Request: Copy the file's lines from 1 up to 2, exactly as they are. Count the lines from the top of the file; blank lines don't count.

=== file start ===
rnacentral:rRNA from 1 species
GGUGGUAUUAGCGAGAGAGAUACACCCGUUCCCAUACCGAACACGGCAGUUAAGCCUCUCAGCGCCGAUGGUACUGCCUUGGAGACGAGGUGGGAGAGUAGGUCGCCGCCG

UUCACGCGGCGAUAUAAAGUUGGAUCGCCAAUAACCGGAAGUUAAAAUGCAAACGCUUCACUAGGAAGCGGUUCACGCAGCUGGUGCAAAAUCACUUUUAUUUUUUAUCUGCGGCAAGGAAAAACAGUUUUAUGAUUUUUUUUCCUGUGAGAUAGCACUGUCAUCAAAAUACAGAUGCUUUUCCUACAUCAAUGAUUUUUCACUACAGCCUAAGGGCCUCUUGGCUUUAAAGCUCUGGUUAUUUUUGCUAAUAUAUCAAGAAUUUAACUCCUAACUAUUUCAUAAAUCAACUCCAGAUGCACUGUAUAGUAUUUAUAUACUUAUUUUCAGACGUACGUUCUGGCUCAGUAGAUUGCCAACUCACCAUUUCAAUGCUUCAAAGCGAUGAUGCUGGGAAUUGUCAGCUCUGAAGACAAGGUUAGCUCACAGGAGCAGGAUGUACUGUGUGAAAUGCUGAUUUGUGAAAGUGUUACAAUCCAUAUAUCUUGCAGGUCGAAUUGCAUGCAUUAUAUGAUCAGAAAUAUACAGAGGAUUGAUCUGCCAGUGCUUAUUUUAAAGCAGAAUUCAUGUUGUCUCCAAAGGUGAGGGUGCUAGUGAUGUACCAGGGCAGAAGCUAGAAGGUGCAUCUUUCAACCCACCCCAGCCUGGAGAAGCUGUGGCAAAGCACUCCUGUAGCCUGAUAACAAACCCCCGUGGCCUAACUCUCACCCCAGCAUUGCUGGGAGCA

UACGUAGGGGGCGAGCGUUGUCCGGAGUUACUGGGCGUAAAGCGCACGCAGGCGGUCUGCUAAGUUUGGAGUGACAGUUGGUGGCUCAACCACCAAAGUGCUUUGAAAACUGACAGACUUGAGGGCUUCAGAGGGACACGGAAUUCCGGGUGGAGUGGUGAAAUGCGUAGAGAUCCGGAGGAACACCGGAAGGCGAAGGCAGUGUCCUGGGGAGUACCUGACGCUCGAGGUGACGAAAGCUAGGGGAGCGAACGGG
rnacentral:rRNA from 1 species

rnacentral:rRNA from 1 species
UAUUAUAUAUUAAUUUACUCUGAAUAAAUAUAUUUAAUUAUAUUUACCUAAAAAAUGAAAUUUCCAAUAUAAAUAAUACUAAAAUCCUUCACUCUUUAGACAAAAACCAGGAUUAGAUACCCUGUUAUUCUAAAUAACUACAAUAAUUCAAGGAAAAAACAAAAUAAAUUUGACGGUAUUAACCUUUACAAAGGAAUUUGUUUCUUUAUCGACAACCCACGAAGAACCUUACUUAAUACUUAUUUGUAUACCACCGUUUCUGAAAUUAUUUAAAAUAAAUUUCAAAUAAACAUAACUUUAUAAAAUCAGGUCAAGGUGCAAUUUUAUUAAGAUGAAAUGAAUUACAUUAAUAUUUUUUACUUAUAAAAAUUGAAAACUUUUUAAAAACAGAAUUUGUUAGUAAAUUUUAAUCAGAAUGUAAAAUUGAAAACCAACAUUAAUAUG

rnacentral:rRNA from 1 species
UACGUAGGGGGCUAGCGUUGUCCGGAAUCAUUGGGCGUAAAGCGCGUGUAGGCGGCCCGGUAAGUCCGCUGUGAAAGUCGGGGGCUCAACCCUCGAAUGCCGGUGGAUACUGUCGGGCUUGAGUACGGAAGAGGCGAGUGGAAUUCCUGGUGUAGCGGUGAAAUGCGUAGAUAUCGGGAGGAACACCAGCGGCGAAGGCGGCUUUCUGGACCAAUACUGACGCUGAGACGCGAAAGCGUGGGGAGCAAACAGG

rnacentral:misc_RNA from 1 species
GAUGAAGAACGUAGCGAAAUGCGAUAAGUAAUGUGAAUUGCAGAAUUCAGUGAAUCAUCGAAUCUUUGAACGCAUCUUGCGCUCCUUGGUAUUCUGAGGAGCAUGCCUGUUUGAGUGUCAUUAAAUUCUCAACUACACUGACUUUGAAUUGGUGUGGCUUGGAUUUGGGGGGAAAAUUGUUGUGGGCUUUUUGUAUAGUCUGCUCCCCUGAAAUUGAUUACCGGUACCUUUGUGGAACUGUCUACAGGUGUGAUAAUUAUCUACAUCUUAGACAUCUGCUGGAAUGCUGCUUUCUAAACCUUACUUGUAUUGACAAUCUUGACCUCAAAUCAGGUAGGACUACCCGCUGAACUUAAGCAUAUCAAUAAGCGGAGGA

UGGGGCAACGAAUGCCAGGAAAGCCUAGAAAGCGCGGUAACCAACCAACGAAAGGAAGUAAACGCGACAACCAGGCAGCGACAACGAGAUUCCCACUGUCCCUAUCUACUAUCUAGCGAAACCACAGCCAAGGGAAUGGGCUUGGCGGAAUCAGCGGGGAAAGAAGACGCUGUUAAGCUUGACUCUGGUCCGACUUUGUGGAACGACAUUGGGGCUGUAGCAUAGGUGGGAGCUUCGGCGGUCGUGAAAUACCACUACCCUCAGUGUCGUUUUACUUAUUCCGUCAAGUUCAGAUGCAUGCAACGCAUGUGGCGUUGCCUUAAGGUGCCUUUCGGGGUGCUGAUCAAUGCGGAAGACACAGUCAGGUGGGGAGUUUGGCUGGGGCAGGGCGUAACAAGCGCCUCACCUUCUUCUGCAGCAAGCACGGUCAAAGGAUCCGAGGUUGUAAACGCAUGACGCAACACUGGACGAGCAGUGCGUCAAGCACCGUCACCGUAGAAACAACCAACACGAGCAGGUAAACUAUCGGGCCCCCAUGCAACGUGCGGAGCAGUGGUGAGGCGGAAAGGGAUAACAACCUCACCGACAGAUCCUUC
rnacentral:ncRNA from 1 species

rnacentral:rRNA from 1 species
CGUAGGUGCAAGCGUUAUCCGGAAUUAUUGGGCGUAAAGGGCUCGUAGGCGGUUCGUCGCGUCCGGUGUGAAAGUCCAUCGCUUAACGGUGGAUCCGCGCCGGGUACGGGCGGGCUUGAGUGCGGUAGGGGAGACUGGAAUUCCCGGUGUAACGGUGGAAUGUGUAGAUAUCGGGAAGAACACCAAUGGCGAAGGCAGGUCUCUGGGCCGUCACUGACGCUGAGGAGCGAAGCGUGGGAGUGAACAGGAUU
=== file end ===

rnacentral:rRNA from 1 species
GGUGGUAUUAGCGAGAGAGAUACACCCGUUCCCAUACCGAACACGGCAGUUAAGCCUCUCAGCGCCGAUGGUACUGCCUUGGAGACGAGGUGGGAGAGUAGGUCGCCGCCG